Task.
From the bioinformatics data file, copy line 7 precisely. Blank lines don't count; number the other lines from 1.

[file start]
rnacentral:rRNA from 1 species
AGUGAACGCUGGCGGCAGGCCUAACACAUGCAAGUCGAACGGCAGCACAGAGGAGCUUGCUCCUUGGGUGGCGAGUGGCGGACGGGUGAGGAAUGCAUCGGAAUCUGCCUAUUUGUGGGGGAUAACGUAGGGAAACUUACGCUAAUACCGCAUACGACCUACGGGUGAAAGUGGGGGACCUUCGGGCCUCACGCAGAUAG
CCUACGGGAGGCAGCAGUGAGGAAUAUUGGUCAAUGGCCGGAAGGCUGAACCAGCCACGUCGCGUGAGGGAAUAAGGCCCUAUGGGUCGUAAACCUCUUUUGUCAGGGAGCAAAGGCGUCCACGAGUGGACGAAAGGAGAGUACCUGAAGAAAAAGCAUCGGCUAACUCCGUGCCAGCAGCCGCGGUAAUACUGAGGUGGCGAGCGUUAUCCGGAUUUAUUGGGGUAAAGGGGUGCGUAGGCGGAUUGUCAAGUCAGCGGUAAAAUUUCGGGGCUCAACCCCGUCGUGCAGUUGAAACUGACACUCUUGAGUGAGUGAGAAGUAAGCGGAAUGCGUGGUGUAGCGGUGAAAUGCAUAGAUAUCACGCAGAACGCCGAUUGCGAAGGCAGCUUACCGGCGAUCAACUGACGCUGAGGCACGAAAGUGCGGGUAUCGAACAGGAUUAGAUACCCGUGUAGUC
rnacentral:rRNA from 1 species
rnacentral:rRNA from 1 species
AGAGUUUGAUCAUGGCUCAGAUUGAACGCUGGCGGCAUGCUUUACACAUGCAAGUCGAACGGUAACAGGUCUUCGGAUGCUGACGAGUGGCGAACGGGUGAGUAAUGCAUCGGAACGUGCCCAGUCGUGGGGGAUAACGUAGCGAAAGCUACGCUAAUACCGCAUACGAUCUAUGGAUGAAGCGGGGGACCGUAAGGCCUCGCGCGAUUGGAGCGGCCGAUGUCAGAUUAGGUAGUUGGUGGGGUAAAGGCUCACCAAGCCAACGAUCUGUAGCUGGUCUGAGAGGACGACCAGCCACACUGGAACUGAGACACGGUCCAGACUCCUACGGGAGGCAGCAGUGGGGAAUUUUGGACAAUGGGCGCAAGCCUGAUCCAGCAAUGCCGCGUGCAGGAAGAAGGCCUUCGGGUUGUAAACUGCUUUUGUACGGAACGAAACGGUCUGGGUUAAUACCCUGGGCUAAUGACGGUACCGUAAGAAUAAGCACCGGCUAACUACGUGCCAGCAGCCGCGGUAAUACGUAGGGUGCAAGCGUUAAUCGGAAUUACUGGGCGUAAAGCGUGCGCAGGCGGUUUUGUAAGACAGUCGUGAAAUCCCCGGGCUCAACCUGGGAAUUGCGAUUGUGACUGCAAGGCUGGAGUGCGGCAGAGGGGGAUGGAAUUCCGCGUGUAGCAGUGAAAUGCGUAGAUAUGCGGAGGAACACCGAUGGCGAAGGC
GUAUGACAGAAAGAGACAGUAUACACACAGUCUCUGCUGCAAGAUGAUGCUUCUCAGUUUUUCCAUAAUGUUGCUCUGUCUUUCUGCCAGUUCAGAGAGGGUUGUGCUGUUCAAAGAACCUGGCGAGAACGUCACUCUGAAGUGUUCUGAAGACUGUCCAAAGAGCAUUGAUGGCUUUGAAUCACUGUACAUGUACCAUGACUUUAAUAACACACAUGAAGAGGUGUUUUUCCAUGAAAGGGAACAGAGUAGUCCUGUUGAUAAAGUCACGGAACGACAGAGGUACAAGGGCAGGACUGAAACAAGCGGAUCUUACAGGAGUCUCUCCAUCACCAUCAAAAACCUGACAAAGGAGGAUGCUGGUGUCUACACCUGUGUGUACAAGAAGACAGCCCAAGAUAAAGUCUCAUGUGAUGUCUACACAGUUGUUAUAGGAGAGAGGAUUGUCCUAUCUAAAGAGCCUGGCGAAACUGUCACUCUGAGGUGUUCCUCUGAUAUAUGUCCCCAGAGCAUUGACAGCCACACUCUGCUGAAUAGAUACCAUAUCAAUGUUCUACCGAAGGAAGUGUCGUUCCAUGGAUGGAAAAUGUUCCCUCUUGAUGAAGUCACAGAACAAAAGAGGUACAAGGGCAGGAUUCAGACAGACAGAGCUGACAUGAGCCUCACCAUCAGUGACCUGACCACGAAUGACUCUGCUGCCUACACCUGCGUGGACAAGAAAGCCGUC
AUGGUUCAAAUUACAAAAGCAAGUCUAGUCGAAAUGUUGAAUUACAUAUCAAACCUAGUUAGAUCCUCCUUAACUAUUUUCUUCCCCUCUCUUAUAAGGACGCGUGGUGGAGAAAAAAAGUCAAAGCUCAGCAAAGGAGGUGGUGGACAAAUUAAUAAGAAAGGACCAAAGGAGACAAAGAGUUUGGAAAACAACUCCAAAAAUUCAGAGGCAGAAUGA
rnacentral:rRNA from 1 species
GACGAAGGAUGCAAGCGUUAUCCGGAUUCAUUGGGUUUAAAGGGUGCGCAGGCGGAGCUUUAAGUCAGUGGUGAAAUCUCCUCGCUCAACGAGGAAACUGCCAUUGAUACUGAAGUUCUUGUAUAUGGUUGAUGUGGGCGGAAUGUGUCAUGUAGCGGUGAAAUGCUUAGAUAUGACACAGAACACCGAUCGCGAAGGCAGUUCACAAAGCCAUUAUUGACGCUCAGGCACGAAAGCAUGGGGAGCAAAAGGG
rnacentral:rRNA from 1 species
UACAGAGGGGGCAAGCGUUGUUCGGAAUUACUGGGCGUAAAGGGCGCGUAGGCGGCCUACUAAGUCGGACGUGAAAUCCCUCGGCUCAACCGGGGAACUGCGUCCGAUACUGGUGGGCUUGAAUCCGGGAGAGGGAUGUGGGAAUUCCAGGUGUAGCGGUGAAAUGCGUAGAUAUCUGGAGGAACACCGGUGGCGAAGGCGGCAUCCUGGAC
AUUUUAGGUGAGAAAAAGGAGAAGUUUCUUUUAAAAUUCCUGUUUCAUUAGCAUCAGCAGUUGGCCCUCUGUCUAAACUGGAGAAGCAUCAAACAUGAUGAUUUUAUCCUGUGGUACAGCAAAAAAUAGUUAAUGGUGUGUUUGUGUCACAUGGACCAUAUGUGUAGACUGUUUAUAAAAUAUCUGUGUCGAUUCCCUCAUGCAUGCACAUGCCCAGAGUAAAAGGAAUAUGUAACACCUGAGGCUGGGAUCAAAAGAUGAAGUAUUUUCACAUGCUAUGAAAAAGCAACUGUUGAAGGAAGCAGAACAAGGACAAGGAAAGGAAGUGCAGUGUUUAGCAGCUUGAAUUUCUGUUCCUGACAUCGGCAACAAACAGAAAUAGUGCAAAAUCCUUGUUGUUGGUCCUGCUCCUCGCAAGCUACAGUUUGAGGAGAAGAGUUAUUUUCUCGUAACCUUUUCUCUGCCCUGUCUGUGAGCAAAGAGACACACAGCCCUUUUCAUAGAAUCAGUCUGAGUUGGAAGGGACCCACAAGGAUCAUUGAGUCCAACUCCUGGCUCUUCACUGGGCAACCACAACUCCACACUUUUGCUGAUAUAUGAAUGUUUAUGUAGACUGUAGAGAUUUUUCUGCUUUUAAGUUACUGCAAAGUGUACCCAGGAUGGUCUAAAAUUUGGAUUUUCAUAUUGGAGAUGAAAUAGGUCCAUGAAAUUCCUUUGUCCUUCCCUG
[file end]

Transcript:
GUAUGACAGAAAGAGACAGUAUACACACAGUCUCUGCUGCAAGAUGAUGCUUCUCAGUUUUUCCAUAAUGUUGCUCUGUCUUUCUGCCAGUUCAGAGAGGGUUGUGCUGUUCAAAGAACCUGGCGAGAACGUCACUCUGAAGUGUUCUGAAGACUGUCCAAAGAGCAUUGAUGGCUUUGAAUCACUGUACAUGUACCAUGACUUUAAUAACACACAUGAAGAGGUGUUUUUCCAUGAAAGGGAACAGAGUAGUCCUGUUGAUAAAGUCACGGAACGACAGAGGUACAAGGGCAGGACUGAAACAAGCGGAUCUUACAGGAGUCUCUCCAUCACCAUCAAAAACCUGACAAAGGAGGAUGCUGGUGUCUACACCUGUGUGUACAAGAAGACAGCCCAAGAUAAAGUCUCAUGUGAUGUCUACACAGUUGUUAUAGGAGAGAGGAUUGUCCUAUCUAAAGAGCCUGGCGAAACUGUCACUCUGAGGUGUUCCUCUGAUAUAUGUCCCCAGAGCAUUGACAGCCACACUCUGCUGAAUAGAUACCAUAUCAAUGUUCUACCGAAGGAAGUGUCGUUCCAUGGAUGGAAAAUGUUCCCUCUUGAUGAAGUCACAGAACAAAAGAGGUACAAGGGCAGGAUUCAGACAGACAGAGCUGACAUGAGCCUCACCAUCAGUGACCUGACCACGAAUGACUCUGCUGCCUACACCUGCGUGGACAAGAAAGCCGUC